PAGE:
Hence, sadly (yet not surprisingly) we did not hear a single word about the wide-scale violence conducted by the putschists in Turkey’s Kurdistan in the democracy rallies organized by the AKP, nor at those held by the Republican People’s Party (CHP), the country’s so-called social democratic party, alongside a number of socialist organizations and NGOs. The ten-point manifesto set out by CHP leader Kemal Kılıçdaroğlu, which was read out at the various democracy rallies organized by the party, suggests the necessary steps to be taken for a full-fledged democracy in Turkey, yet it included not a single point on this wide-scale violence in Turkey’s Kurdistan. The Kurds of Turkey have long learnt by experience that when people remain silent on the subject of the violence in Kurdistan, it paves the way for more violence against them. Either on a personal or institutional level, silence is a manifestation of consent. Hence, as the largest opposition party in parliament, the silence of the CHP was indeed a manifestation that a coup-like regime or military violence is considered acceptable for Turkey’s Kurds. After the coup attempt, CHP leader, together with the leader of the Nationalist Movement Party (MHP), a far right Turkish nationalist party (and the fourth party in the parliament after the HDP), were invited to a meeting with President Erdoğan. This invitation excluded the HDP. During this same period, Erdoğan, who is well known for his long list of defamation cases, withdrew the cases against members of the CHP and MHP, while those against the HDP remained. Besides, HDP was excluded from the most recent constitutional commission created in September with the partnership of AKP, CHP and MHP. The representatives of these three parties came to an agreement on seven articles of amendment mostly concerning the judiciary. In sum, the meetings with Erdoğan, along with the democracy rallies, were not merely a declaration of a united anti-putschist stance of these three parties, but also of a united anti-Kurdish stance; and in their anti-Kurdish stance, all are united with the putschists.

We are now witnessing how this united nationalist front is affecting the lives of the Kurds and those who speak up against the government’s Kurdish “politics.” On 11 September, the government appointed trustees to twenty-four municipalities in Turkey’s Kurdistan. That is to say that the elected mayors of these municipalities were removed from duty and replaced with pro-government trustees. On September 8, more than 10,000 teachers, most of whom are members of the left-wing trade union Eğitim-Sen, were suspended on the grounds of supporting “terrorism.” 4,313 of these teachers are from the city of Diyarbakır, the center of Turkey’s Kurdistan. Meanwhile, government pressure still continues on those who signed the Academics for Peace petition, which condemned the government for conducting massacres in the Kurdish provinces and invited the government to make peace negotiations with the Kurdish political movement. The government also accused the signatories of supporting terrorism. 105 signatories of the Academics for Peace petition have lost their jobs, while many others have been subjected to mobbing and discrimination in their universities. In addition to the putschists, the country’s prisons are rapidly being filled by Kurds as well as those who are critical of the violence against the Kurds. According to the recent reports by human rights organizations, torture is again being seen in Turkey’s prisons. The government’s recent shut down of the Kurdish cartoon, Zarok TV, along with 5 other Kurdish channels and 4 anti-government channels, shows that the current government and its allies allow no space for Kurds who are in demand cultural and political rights.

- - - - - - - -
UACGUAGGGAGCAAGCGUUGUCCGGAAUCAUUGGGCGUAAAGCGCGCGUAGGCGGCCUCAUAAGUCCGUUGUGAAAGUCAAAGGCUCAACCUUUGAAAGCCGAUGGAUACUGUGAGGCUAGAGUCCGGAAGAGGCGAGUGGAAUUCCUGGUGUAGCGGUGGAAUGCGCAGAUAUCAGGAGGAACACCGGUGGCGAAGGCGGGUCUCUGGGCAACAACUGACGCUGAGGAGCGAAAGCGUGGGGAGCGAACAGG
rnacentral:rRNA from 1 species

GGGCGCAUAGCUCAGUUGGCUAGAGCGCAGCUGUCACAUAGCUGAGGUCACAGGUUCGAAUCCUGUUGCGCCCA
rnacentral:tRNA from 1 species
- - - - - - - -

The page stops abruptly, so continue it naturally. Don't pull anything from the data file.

Criminalization and silencing of the voices of anti-AKP (pro-Kurdish rights) Kurds and of those demonstrating their solidarity with them is not simply a human rights abuse that harms democracy, but also (may be more importantly) an active call for counter-violence and intensification of the conflict. In other words, it is a provocation of counter-violence. As pro-Kurdish voices are excluded from the political space, already existing rage against AKP and its allies (namely CHP and MHP) will grow further and further. History has shown us that ruling elites can draw power from conflict, and this is perhaps the government’s current aim. If, however, it is the case that those in power, as well as other parties who collaborate with the government while at the same time wishing to take their place, aim to drawing power from conflict and violence, it is a most dangerous and deadly game.

[1] Foucault, Michel. "Society must be defended: lectures at the Collège de France." Trans. David Macey. New York: Picador (2003).